Dubai-based lender Noor Bank is to move away from unsecured lending to small and medium-sized enterprises, its chief executive told Reuters, after a rise in bad debts within this sector.
The shift is part of a turnaround plan chief executive John Iossifidis is mapping out since joining the bank in April to bolster profits.
“Unsecured lending to SMEs is not something we will do,” Iossifidis said in an interview on Tuesday. “The whole banking sector was doing unsecured lending to the SMEs and that is why we [the sector] got into the problems.”
“We are not turning our back on that sector, but it’s certainly not going to be the unfettered lending that was happening two years ago in the banking sector.”
Banking profits in the Gulf have generally fallen in the past two years in response to more subdued economic growth and an increase in bad loans, partly reflecting the impact of lower oil prices.
In the United Arab Emirates, a significant chunk of loans to small businesses have for years been on an unsecured basis, but this business began to run into difficulties in the second half of 2015 after a wave of bad debts linked to the sluggish economy and a strong dollar.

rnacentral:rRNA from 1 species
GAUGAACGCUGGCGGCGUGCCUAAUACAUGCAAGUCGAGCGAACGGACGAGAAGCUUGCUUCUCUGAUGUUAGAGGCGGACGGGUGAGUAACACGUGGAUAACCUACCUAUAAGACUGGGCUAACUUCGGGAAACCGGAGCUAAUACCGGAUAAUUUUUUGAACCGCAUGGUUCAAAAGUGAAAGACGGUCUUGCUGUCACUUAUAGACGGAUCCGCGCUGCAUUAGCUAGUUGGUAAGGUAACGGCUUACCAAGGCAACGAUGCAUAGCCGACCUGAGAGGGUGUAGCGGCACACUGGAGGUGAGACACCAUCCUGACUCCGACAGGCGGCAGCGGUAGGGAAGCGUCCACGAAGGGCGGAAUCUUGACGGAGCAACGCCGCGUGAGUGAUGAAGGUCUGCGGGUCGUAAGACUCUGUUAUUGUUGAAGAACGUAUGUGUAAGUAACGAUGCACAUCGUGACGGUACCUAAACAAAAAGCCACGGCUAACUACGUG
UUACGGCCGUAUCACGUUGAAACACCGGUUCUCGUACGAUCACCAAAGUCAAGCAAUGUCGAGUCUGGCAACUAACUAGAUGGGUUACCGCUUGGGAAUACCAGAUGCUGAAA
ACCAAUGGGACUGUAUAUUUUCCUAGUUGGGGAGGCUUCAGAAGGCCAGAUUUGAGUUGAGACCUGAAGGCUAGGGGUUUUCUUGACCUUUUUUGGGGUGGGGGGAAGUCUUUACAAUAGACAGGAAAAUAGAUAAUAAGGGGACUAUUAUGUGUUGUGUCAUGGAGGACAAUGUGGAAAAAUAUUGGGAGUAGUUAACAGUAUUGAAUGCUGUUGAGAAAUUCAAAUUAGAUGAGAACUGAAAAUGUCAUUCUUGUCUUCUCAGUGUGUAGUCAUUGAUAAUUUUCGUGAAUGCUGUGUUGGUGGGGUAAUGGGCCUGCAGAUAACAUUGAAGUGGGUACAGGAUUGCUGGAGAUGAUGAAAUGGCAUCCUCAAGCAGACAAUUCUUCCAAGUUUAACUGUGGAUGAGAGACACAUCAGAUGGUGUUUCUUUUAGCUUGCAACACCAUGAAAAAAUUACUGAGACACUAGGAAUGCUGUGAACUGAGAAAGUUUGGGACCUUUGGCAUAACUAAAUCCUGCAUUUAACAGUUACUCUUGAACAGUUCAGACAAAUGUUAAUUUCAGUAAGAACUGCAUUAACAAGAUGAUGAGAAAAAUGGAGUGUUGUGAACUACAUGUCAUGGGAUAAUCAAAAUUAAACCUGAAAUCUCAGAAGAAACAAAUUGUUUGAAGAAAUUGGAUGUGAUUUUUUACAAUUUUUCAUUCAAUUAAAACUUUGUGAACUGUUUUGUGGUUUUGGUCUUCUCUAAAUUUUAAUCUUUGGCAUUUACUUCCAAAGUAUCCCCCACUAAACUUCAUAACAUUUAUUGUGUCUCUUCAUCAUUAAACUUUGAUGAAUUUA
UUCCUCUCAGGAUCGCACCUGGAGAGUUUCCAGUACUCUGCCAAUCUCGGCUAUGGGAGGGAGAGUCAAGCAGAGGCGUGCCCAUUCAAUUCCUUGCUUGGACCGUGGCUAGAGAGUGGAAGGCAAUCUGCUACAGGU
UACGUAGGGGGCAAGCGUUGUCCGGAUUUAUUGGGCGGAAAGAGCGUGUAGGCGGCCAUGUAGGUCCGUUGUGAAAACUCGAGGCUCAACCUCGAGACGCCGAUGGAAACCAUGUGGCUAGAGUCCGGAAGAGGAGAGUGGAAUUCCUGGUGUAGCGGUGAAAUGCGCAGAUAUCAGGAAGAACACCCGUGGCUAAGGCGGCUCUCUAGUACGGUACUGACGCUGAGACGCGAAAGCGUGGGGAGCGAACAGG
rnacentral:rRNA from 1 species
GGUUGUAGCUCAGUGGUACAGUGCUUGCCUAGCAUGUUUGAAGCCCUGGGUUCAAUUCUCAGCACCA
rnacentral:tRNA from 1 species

Noor’s impairment charges jumped 122 per cent in the three months to June 30 from the same period of last year, according to the bank’s latest financial results.
Other local banks have already taken steps to cut their exposure to the SME sector. United Arab Bank told Reuters in January 2016 it had begun to wind down its exposure to small businesses.
Noor, 87.8 per cent owned by Dubai’s government, laid off several dozen employees earlier this year, sources told Reuters in August.
The bank, the UAE’s 12th largest by assets, has no current plans for further job cuts, but would continue to look at ways to reduce costs, Iossifidis said.
It aimed to lower the bank’s cost to income ratio from 40 per cent last year to below 35 per cent, he said.
Other changes involve diversifying Noor’s corporate loan book.
“In terms of sectors, we are mainly government-related entities and real estate-led, so that leaves virtually everything else,” he said.
In its retail business, Noor aims to shift its focus more towards affluent consumer clients, he said, adding that it had raised the minimum salary threshold for customers.
The bank had a 7 per cent market share in the UAE mortgage market, giving it an advantage in capturing greater market share in the affluent market, he said.
“By definition, if you have a home, you are affluent.”
Based on economic forecasts, the UAE’s banking sector could grow more than 6 per cent in 2018, with Noor aiming to grow “a little faster than the banking sector,” Iossifidis said.
The bank’s profit in the three months to the end of June reached Dhs79.7m ($21.7m), down 76.9 per cent from the same period of last year.